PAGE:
Texas is Texas

Bias Alert: I love Texas. At least most of it. Houstonians are terrible drivers. I once collected half the bugs ever to exist on my windshield driving from San Angelo to Midland at night. But overall, it’s great. You’re sort of in the United States, and kinda not. Hawaii is this way too. So is Canada.

Anyway, the thing to remember is Texas isn’t like any other state. To begin with, it was a country of it’s own for about a decade before joining the Stars & Stripes. Lone Star flags are everywhere. Nothing like passing a billboard advertising the “Official Pest Removal Spray of Texas.” Also Texas is really big. Twice the size of Germany.

Yes, it’s a border state with a large Latino population. That doesn’t mean it’s anything like California or Arizona. Sure, after it’s first experience in the U.S. it joined the Confederacy. That doesn’t mean it resembles Alabama or Mississippi. Texas is Texas.

Beto O’Rourke is a Texan. Aside from a few years in New York when Friends was an exciting new show, he’s spent his life in the El Paso area. Poll numbers say he doesn’t know much about running a successful presidential campaign. He may have no clue how to win the Iowa Caucus. He does know his state, particularly after visiting all 254 counties* during his Senate campaign.

*He also bragged about doing this more than 254 times.

It’s hard for the 20 (or 10, depending on how you’re counting) surviving Democratic presidential candidates to distinguish their policy vision. There are few opportunities to get to the left of the field. Unless you’re Joe Biden, polls say moderation is not a virtue.

In the aftermath of the El Paso mass shooting, Beto decided to take a stand. He’s advocating gun confiscation. This is even a leap too far for Bernie Sanders and Elizabeth Warren. Conventional wisdom is that O’Rourke is committing political harakiri.

He doesn’t want all the guns back. Just assault rifles. And he thinks owners should receive fair compensation. Still, whether from principle, desperation, or both, it would seem to make it harder for Beto to ever run in Texas again. This is an open carry state. Or would it?

We have a recent poll from Univision. By a 68/32 margin, Texans are in favor of Congress banning the sale of AR-15 style assault weapons. Taking guns back is different than not selling new ones. I’d suspect the numbers are very different for Beto’s actual plan.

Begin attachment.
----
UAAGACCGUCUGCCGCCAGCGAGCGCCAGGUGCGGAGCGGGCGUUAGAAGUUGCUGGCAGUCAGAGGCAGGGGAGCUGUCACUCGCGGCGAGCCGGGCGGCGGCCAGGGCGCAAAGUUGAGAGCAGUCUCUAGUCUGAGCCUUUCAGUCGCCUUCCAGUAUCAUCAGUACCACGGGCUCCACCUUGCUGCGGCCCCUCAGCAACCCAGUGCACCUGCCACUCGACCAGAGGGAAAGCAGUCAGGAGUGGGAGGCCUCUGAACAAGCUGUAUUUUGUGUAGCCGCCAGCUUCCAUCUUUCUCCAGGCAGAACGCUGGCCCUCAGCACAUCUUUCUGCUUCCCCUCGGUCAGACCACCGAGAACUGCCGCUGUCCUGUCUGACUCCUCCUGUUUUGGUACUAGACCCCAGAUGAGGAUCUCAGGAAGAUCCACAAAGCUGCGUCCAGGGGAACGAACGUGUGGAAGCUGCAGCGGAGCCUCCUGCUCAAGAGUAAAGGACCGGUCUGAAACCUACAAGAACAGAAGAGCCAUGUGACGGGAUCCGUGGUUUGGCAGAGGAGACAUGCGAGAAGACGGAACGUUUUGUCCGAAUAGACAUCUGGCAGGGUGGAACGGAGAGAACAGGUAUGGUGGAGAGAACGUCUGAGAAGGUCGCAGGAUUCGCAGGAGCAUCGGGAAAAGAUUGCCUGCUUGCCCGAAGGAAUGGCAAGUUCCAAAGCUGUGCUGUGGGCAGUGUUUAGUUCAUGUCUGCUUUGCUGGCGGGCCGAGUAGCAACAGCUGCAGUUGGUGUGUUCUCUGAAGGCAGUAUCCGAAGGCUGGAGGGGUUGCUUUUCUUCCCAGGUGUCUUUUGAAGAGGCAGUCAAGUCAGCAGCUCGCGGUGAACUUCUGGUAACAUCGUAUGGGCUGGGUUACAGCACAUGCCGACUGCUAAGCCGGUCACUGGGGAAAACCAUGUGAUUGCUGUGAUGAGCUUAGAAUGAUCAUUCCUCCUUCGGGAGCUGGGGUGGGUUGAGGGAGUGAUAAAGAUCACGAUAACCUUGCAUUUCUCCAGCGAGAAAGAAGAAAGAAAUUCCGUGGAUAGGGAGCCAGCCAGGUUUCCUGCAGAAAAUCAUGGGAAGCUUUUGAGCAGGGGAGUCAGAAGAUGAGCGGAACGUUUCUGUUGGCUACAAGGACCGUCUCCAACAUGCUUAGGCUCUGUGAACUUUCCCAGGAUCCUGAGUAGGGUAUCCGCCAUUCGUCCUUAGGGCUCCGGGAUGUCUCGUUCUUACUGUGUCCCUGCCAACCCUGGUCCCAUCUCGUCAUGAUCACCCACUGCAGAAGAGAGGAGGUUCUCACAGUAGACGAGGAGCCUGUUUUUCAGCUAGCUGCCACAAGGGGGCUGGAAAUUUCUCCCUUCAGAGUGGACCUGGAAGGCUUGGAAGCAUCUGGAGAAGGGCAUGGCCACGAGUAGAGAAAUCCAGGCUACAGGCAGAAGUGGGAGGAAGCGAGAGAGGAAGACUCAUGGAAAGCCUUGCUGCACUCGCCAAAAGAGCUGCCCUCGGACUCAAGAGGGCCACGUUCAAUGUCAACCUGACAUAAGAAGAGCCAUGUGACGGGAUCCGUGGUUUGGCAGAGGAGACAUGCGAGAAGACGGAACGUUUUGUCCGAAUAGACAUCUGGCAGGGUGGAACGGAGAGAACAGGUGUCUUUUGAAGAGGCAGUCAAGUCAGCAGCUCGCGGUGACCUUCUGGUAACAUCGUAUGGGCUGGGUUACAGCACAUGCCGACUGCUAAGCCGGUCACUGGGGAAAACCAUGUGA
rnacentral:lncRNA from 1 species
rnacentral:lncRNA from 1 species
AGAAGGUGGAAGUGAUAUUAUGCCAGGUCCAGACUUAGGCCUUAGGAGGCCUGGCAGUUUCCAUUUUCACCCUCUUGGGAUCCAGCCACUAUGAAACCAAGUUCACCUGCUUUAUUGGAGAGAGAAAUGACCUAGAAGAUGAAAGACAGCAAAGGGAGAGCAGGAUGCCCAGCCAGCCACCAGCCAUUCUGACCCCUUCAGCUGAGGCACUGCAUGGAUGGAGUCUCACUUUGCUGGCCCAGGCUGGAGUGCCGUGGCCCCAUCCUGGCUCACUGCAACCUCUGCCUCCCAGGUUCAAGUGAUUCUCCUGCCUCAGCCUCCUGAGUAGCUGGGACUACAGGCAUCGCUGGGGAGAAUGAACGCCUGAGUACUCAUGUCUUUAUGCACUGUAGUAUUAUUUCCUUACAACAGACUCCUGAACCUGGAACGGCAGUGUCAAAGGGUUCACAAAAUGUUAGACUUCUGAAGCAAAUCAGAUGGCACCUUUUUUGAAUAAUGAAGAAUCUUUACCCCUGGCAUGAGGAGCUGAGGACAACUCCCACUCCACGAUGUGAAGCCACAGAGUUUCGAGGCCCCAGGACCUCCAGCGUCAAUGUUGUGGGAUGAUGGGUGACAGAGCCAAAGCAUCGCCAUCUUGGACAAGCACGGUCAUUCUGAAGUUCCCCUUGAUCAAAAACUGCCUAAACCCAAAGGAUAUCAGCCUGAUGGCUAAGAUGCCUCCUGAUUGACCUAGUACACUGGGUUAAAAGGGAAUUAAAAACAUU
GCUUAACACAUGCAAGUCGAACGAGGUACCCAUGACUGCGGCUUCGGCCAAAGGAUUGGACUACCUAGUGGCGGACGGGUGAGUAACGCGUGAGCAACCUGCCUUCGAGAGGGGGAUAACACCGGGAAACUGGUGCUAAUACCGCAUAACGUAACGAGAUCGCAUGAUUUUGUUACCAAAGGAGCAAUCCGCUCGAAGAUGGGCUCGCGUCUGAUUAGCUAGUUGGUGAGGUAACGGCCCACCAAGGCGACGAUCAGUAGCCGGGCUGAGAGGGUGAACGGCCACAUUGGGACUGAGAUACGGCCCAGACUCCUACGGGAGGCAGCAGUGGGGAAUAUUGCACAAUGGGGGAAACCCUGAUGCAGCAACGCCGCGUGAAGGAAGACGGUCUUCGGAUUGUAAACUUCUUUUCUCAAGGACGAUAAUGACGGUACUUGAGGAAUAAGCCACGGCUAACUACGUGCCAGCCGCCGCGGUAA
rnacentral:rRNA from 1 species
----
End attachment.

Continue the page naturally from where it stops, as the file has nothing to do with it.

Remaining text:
I was still shocked. Maybe this is a bad poll? It did show Trump losing 47/43 to Biden. And 48/42 to Sanders. He’s even trailing Warren 44/42. Except an early August survey from Dallas Morning News/Emerson had Trump trailing both Biden and Sanders. At the time, that one was considered an outlier.

So if we believe the poll, and I think we should, even if you want to shade the numbers a little, how are two-thirds of Texans ok with ending assault rifle sales, and (guessing here) maybe half ok with buying back existing weapons? Does this transfer to places like Wisconsin, where a stereotypical Trump Democrat might own an AR?

The Texas experience with firearms and mass shootings is different. They’ve experienced two recent events (El Paso & Odessa.) Recency impacts poll numbers, particularly regarding gun control. The first major mass shooting of this type was in Texas, from the University of Texas clock tower, back in 1966.

At the same time, Texas is a state with readily available concealed carry permits and ability to open carry in some instances. The governor is a strong firearms supporter. Large cities like Houston and Dallas do not attempt to restrict handguns the way New York City, San Francisco, or Washington D.C. have.

This is a unique situation where Texans may be more motivated to make mass shootings difficult, while having less fear of assault rifle restrictions quickly turning in to limitations on their ability to own and carry handguns, or use a rifle for hunting.

This isn’t a career mistake for Beto. He was trailing badly, and his presidential campaign was lacking relevance. He’s still a huge underdog, but now there’s a purpose for his campaign to exist. He’ll get more media exposure. And the side-effects for him in Texas are likely less than people think, even if or when the scars from the recent shootings heal a little.

But Texas isn’t Wisconsin, Pennsylvania, Florida, or any of the other swing states up for grabs in 2020. In places where some voters care about guns, but feel less secure in their ability to keep and use them, and there are already more restrictions, Beto will cause problems for the actual nominee.

The public is moving on this issue. At some point, continued mass killings with a high enough body count, with AR-15s continuing to be the weapon of choice, will cause some voters, even those who very much want to keep their guns, to re-evaluate. November 2020 is likely a bit soon for that.

A majority of the public is currently in favor of gay marriage. That wasn’t the case in November 2004. That year, ballot initiatives in several swing states, to define marriage as being between one man and one woman, helped re-elect George W. Bush.

Even several years later when Joe Biden signaled his support ahead of Barack Obama, the country still wasn’t quite there. It helped Biden and his brand within the Democratic Party. It’s a small, but important component of his current viability.

Similarly, I think this helps Beto’s personal political future, be that in Texas or nationally. However, it doesn’t help his party right now. Texas is Texas. Beto is Beto.

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